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close this bookHandbook for Emergencies - Second Edition (UNHCR, 1999, 414 p.)
close this folder15. Food and Nutrition
View the document(introduction...)
View the documentOverview
View the documentIntroduction
View the documentOrganization of Food Support
View the documentNutritional Assessments
View the documentGeneral Feeding Programme
View the documentSelective Feeding Programmes
View the documentInfant Feeding and use of Milk Products
View the documentKey References
View the documentAnnexes

Infant Feeding and use of Milk Products

· Breast-feeding is best for babies and must be promoted and continued for as long as possible;

· Ban baby bottles completely;

· Weaning foods must be appropriate; foreign baby foods and special foods often are not;

· Infant formulae should be avoided and used only under strictly controlled conditions, with a cup and spoon;

· Re-stimulate lactation10 in cases where milk production has been affected by stress and use wet nursing where appropriate;

· Milk products, especially powdered milk, and infant formulae can cause health problems (as described below) and they are often inappropriate.

80. Human milk is the best and safest for infants and children under two years. Breast-feeding provides a secure and hygienic source of food, often initially the only source of food, as well as antibodies giving protection against some infectious diseases. Breast feeding must be encouraged for as long as possible. Every effort must be made to promote or re-stimulate lactation even among sick and malnourished mothers. Experience has shown that this can be done. Mothers may need to receive extra food to encourage breast-feeding and provide the additional calories and nutrients required. This should be done through the feeding programmes.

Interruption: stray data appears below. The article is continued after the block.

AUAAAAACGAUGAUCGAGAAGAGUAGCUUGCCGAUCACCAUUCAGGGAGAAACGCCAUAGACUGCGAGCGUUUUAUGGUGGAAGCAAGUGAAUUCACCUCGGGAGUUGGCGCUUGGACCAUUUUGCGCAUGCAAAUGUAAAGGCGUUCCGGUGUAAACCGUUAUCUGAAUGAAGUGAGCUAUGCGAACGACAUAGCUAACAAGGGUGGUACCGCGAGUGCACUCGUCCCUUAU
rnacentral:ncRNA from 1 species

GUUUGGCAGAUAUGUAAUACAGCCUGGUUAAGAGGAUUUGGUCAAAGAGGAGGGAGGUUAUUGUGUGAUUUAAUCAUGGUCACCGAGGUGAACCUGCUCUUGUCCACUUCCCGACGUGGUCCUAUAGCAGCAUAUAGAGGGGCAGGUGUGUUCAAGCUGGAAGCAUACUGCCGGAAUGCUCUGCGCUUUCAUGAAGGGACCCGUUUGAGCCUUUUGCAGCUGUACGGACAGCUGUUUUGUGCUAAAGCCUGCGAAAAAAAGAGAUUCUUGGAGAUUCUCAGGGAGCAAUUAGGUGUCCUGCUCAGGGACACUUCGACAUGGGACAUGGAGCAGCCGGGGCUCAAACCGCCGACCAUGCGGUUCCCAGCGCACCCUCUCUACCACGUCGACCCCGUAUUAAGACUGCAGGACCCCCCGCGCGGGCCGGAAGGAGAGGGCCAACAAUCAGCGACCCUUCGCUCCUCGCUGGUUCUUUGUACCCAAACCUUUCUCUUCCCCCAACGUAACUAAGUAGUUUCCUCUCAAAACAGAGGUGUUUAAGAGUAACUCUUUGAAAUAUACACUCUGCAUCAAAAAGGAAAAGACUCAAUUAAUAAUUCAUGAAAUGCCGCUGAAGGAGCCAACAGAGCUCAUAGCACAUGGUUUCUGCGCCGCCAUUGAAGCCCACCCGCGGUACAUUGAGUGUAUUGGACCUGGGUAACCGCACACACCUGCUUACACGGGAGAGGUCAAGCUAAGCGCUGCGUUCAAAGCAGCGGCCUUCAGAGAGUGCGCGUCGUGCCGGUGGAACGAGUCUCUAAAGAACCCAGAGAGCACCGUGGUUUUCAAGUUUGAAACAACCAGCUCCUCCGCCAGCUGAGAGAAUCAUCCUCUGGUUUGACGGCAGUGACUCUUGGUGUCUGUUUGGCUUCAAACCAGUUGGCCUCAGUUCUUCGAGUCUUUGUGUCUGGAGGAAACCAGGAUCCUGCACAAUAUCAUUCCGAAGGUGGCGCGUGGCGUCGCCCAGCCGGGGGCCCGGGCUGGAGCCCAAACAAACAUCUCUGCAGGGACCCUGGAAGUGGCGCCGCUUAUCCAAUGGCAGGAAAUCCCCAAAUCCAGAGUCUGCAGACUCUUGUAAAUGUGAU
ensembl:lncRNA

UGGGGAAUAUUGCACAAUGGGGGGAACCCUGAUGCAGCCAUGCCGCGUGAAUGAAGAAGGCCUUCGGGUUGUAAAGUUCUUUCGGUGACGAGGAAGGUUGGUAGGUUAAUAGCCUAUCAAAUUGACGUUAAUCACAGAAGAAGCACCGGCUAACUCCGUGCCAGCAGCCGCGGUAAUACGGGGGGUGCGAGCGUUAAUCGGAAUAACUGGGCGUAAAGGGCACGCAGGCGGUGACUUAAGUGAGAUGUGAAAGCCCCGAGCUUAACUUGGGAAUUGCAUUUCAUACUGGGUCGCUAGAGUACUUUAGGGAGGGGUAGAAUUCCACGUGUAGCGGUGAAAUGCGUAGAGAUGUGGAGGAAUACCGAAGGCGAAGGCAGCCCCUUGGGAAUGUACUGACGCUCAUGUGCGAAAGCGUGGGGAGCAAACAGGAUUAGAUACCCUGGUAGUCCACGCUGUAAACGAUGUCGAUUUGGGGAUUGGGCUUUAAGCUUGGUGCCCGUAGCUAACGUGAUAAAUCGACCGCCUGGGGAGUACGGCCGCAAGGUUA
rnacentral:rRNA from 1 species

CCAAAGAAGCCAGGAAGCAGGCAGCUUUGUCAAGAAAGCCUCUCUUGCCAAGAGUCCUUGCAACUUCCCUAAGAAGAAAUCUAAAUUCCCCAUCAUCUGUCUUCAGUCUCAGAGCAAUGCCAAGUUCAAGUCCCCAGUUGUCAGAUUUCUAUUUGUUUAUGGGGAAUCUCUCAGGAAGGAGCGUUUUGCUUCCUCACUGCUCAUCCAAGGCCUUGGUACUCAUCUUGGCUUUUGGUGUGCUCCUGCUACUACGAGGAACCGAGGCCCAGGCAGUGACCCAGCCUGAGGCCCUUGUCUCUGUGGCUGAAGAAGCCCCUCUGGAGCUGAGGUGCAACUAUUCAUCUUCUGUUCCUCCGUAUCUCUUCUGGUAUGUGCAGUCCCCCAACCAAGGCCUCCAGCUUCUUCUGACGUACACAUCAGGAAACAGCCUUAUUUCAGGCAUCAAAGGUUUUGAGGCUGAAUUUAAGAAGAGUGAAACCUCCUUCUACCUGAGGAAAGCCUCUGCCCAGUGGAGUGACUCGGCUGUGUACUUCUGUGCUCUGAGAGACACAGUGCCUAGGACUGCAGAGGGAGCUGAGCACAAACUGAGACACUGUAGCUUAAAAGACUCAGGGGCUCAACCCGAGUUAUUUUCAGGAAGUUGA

81. The problems associated with infant formulae, milk products and feeding bottles are exacerbated in a refugee emergency. Clean boiled water is essential but rarely available, careful dilution of the feeds is of critical importance but difficult to control, mothers are unlikely to be familiar with the use of infant formulae, and the instructions are often in a foreign language. Infant formulae, if unavoidable, should be distributed from health or feeding centres under strictly controlled conditions and proper supervision. Infant feeding bottles must never be distributed or used; they are almost impossible to sterilize and keep sterile under emergency conditions and are therefore dangerous. Babies should be fed by clean cup and spoon if necessary. Appropriate weaning foods should be introduced while breast-feeding is continuing. Weaning foods should be locally available foodstuffs and as far as possible be prepared in the traditional manner. Overseas donations of tinned baby foods are rarely appropriate.

10 Re-stimulate lactation refers to the re-establishment of an adequate volume of milk release. This is achieved by increasing suckling and through social peer support.

Policy On Use of Milk Powder11

i. Never distribute milk powder, by itself, to take home. It should be mixed with cereal flour, six parts cereal to one part milk powder;

ii. Never let liquid milk be carried home;

iii. Only use dried milk in supervised wet feeding programmes as a high energy drink mixed with oil and sugar;

iv. Dried skimmed milk should always be fortified with Vitamin A and have a Shelf-life Of more than six months.

11UNHCR IOM 88/89/FOM 76/89 Policy Directive for acceptance, distribution and use of milk products in refugee feeding centres, UNHCR, Geneva.